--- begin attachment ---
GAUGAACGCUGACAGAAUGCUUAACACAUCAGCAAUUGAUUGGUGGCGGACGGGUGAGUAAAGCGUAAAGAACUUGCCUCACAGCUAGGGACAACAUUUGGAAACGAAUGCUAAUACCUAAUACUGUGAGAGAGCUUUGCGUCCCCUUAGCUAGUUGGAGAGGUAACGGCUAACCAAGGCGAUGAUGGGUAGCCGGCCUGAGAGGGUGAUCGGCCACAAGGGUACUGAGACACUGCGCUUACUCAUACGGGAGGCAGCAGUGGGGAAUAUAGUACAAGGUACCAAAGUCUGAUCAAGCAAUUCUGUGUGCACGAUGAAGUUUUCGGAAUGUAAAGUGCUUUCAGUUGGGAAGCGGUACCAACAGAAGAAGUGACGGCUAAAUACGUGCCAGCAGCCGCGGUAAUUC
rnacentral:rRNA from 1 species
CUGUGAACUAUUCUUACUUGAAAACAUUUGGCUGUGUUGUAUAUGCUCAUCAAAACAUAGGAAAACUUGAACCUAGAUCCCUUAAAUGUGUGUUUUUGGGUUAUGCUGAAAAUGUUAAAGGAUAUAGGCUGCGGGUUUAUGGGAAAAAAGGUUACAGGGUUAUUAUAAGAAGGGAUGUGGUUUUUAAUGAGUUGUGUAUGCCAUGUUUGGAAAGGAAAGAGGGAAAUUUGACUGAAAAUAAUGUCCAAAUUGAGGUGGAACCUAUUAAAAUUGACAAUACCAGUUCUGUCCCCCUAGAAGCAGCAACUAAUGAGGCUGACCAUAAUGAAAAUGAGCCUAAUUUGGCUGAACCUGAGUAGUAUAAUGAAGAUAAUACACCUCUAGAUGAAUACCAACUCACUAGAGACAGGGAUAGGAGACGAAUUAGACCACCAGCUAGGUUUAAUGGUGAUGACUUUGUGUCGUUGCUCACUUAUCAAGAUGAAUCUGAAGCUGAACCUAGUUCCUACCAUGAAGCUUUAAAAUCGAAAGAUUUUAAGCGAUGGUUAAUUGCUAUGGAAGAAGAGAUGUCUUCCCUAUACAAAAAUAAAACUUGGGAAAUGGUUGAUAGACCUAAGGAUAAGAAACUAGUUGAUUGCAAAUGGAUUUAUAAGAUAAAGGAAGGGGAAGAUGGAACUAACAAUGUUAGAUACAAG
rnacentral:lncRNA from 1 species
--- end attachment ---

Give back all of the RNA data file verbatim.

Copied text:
GAUGAACGCUGACAGAAUGCUUAACACAUCAGCAAUUGAUUGGUGGCGGACGGGUGAGUAAAGCGUAAAGAACUUGCCUCACAGCUAGGGACAACAUUUGGAAACGAAUGCUAAUACCUAAUACUGUGAGAGAGCUUUGCGUCCCCUUAGCUAGUUGGAGAGGUAACGGCUAACCAAGGCGAUGAUGGGUAGCCGGCCUGAGAGGGUGAUCGGCCACAAGGGUACUGAGACACUGCGCUUACUCAUACGGGAGGCAGCAGUGGGGAAUAUAGUACAAGGUACCAAAGUCUGAUCAAGCAAUUCUGUGUGCACGAUGAAGUUUUCGGAAUGUAAAGUGCUUUCAGUUGGGAAGCGGUACCAACAGAAGAAGUGACGGCUAAAUACGUGCCAGCAGCCGCGGUAAUUC
rnacentral:rRNA from 1 species
CUGUGAACUAUUCUUACUUGAAAACAUUUGGCUGUGUUGUAUAUGCUCAUCAAAACAUAGGAAAACUUGAACCUAGAUCCCUUAAAUGUGUGUUUUUGGGUUAUGCUGAAAAUGUUAAAGGAUAUAGGCUGCGGGUUUAUGGGAAAAAAGGUUACAGGGUUAUUAUAAGAAGGGAUGUGGUUUUUAAUGAGUUGUGUAUGCCAUGUUUGGAAAGGAAAGAGGGAAAUUUGACUGAAAAUAAUGUCCAAAUUGAGGUGGAACCUAUUAAAAUUGACAAUACCAGUUCUGUCCCCCUAGAAGCAGCAACUAAUGAGGCUGACCAUAAUGAAAAUGAGCCUAAUUUGGCUGAACCUGAGUAGUAUAAUGAAGAUAAUACACCUCUAGAUGAAUACCAACUCACUAGAGACAGGGAUAGGAGACGAAUUAGACCACCAGCUAGGUUUAAUGGUGAUGACUUUGUGUCGUUGCUCACUUAUCAAGAUGAAUCUGAAGCUGAACCUAGUUCCUACCAUGAAGCUUUAAAAUCGAAAGAUUUUAAGCGAUGGUUAAUUGCUAUGGAAGAAGAGAUGUCUUCCCUAUACAAAAAUAAAACUUGGGAAAUGGUUGAUAGACCUAAGGAUAAGAAACUAGUUGAUUGCAAAUGGAUUUAUAAGAUAAAGGAAGGGGAAGAUGGAACUAACAAUGUUAGAUACAAG
rnacentral:lncRNA from 1 species